It is reported that he said: “O Apostle of Allah, Satan has come between my prayers and recitation (i.e., of the Qur'an in prayer).” He answered: “This is a Satan called Khinzub (which means a piece of filthy flesh). If you fear him, take refuge in Allah from him (i.e., by reciting the formula: a'udhu bi'llahi mina'sh‑Shay­tani 'r‑rajim), and spit three times to your left.” `Uthman went on: “I did this, and Allah removed him from me.”

After the tribe of Thaqif had entered into Islam, numer­ous delegations of other Arab tribes followed one another to the Messenger of Allah: entering into the religion of Allah in droves, as Allah the Exalted says (see Qur'an 110) . Among them was `Utarid ibn Hajib ibn Zurarah who came to him with a delegation of the notables of the tribe of Tamim, among whom were al‑Aqra` ibn Habis, az‑Zibri­qan ibn Badr, Qays ibn `Asim, `Uyaynah ibn Hisn al‑Fazari and `Amr ibn al‑Ahtam. al‑Aqra` and `Uyaynah had already witnessed with the Messenger of Allah the conquest of Mecca and the battles of Hunayn and at‑Ta'if. Thus, when the delegation of Tamim came, they too came with them.

The Messenger of Allah offered them a pact of protection (jiwar) and treated them hospitably. Another of the delegations which came to him was that of the tribe of `Amir, among whom was `Amir ibn at‑Tufayl and Arbad ibn Qays, the step­brother of Labid ibn Rabi'ah. `Amir, however, said to Arbad: “I shall stand before him so that he will not be able to see you. When I do this, then strike him with your sword!” Thus `Amir said to the Prophet, “O Muhammad, embrace me! ” “No, not until you believe in Allah alone”, the Prophet answered. `Amir repeated his demand twice, but when the Messenger of Allah refused, he said: “By Allah, I shall fill the place with red horses and men against you! ” When he left, the Messenger of Allah prayed saying: “O Allah spare me `Amir ibn at ‑Tufayl ! ”

On the way, `Amir enquired of Arbad, “Why did you not do as I had ordered you?” He replied: “By Allah, every time I came close to executing your command, you came between me and the man ‑ would I want to strike you with the sword?” While still on his way, Allah sent against `Amir a plague in his neck which killed him while he was in the house of a woman of the tribe of Salul. After his companions buried him, they went home. Allah also sent against Arbad and his camel a thunderbolt which burnt them both.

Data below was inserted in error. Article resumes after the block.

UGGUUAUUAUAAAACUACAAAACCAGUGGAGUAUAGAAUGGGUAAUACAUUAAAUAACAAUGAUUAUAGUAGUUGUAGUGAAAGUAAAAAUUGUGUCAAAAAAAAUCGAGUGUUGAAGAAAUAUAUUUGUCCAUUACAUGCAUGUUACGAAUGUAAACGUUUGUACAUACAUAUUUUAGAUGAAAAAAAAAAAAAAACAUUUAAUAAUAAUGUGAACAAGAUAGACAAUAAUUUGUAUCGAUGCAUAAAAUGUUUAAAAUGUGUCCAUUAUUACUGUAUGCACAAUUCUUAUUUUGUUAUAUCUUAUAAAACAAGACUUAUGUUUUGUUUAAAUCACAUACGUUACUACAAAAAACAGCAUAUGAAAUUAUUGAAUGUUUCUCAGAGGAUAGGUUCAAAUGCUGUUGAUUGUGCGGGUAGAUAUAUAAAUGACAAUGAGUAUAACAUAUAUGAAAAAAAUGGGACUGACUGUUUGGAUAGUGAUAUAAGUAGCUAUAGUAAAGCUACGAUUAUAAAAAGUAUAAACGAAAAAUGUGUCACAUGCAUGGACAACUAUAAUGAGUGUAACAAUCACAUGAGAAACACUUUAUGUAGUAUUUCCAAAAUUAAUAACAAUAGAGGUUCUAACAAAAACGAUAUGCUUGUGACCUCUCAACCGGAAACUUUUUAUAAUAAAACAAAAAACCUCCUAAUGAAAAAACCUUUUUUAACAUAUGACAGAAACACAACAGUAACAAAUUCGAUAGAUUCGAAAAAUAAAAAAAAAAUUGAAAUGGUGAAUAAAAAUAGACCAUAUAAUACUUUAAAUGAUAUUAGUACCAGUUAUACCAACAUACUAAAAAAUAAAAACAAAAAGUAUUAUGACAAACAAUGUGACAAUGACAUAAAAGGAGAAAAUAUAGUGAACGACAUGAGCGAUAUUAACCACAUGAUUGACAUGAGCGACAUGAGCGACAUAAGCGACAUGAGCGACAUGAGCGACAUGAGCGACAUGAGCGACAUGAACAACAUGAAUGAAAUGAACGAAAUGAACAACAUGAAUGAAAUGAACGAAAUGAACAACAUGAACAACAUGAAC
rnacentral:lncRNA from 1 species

It is further reported in Aban ibn `Uthman's book that `Amir and Arbad came to the Messenger of Allah after the engagement with the Jewish tribe of Banu 'n‑Nadir. As `Amir was breathing his last, he repeated, “A disease (I have) that would kill even a young camel, and I shall suffer death in the house of this Salulite woman! “He states further that the Messenger of Allah prayed concerning `Amir and Arbad, “O Allah, grant me in their stead the two strongest horsemen of the Arabs!” Thus the well‑known warrior Zayd ibn Muhalhal at‑Tai known as `Zaydu'l-Khayl' (Zayd of the many horses) and `Amr ibn Ma'dikarib (another well‑known fighter) came to him.

Among those who came to the Messenger of Allah were the delegation of the tribe of Tayy, among whom were Zaydu'l-Khayl and `Adiyy ibn Hatim. He invited them to Islam, and they all accepted and lived a good Muslim life. The Messenger of Allah renamed Zayd `Zayd of goodness' (Zaydu'l-Khayr). He granted him a place called Fayd (near Mecca) and two plots of land in addition. He also gave him a written deed. When Zayd left the Apostle of Allah to go back to his people, the Prophet predicted: “Would that Zayd be spared the fever of Medina and the pain of death!” As Zayd crossed the district of Najd and reached a spring of water called Faradah, he fell ill with fever and died there. His wife took whatever epistles and pledges he had and consigned them to the fire.'

Ibn Ishaq reported that `Adiyy ibn Hatim first fled before the Muslim armies, but the horsemen of the Mess­enger of Allah captured his sister and brought her to the Prophet. He, however, gave her clothes, money and other gifts. She travelled with different caravans until she arrived in Syria, where she advised her brother to go to the Prophet. He went and accepted Islam, and the Messenger of Allah treated him honorably, seating him on a cushion and offering him his hand (as a sign of friendship).

Another man who came to the Messenger of Allah was `Amr ibn Ma'dikarib, who accepted Islam. He then looked at Abu 'I‑`Ath'ath al‑Khath'ami pulling him by the neck and brought to the Messenger of Allah saying: “Help me to kill this wicked man, for he killed my father.” The Prophet answered: “Islam has annulled everything that was in the jahiliyyah.” `Amr then departed an apostate. He thus attacked a people of the tribe of Banu Harith ibn Ka'b. The Messenger of Allah dispatched `Ali to the tribe of Banu Zubayd and entrusted to him the banner of the Immigrants.